[bluhd-kurd-ling, -kur-dl-ing]


arousing terror; horrifying: a bloodcurdling scream.

Origin of bloodcurdling

First recorded in 1930–35; blood + curdle + -ing2
Related formsblood·cur·dling·ly, adverb Unabridged Based on the Random House Unabridged Dictionary, © Random House, Inc. 2019

Examples from the Web for blood-curdling

Contemporary Examples of blood-curdling

Historical Examples of blood-curdling

  • Then she went through the most blood-curdling pantomime ever was, I reckon.

    Cape Cod Stories

    Joseph C. Lincoln

  • I had not long to wait before I heard a blood-curdling yell and then crash!

  • What need to tell here the blood-curdling story of the Hussite Wars?

  • A gentle rowdy of twelve will speak the Duke's blood-curdling lines.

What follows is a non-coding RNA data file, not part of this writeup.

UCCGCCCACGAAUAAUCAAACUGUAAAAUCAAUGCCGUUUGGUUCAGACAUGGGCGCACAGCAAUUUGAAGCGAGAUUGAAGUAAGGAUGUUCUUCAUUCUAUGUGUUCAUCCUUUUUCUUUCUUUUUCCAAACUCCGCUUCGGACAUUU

Wappin' Wharf

    Charles S. Brooks

  • Roosevelt was enough of a boy rather to relish things that were blood-curdling.

British Dictionary definitions for blood-curdling



terrifying; horrifying
Derived Formsbloodcurdlingly, adverb
Collins English Dictionary - Complete & Unabridged 2012 Digital Edition © William Collins Sons & Co. Ltd. 1979, 1986 © HarperCollins Publishers 1998, 2000, 2003, 2005, 2006, 2007, 2009, 2012

Word Origin and History for blood-curdling

also bloodcurdling, 1817, from blood (n.) + present participle of curdle. Also formerly with a noun form, bloodcurdler "incident which freezes the blood," especially "sensational story," 1877, slang; also in use in this sense was blood-freezer (1886).

Online Etymology Dictionary, © 2010 Douglas Harper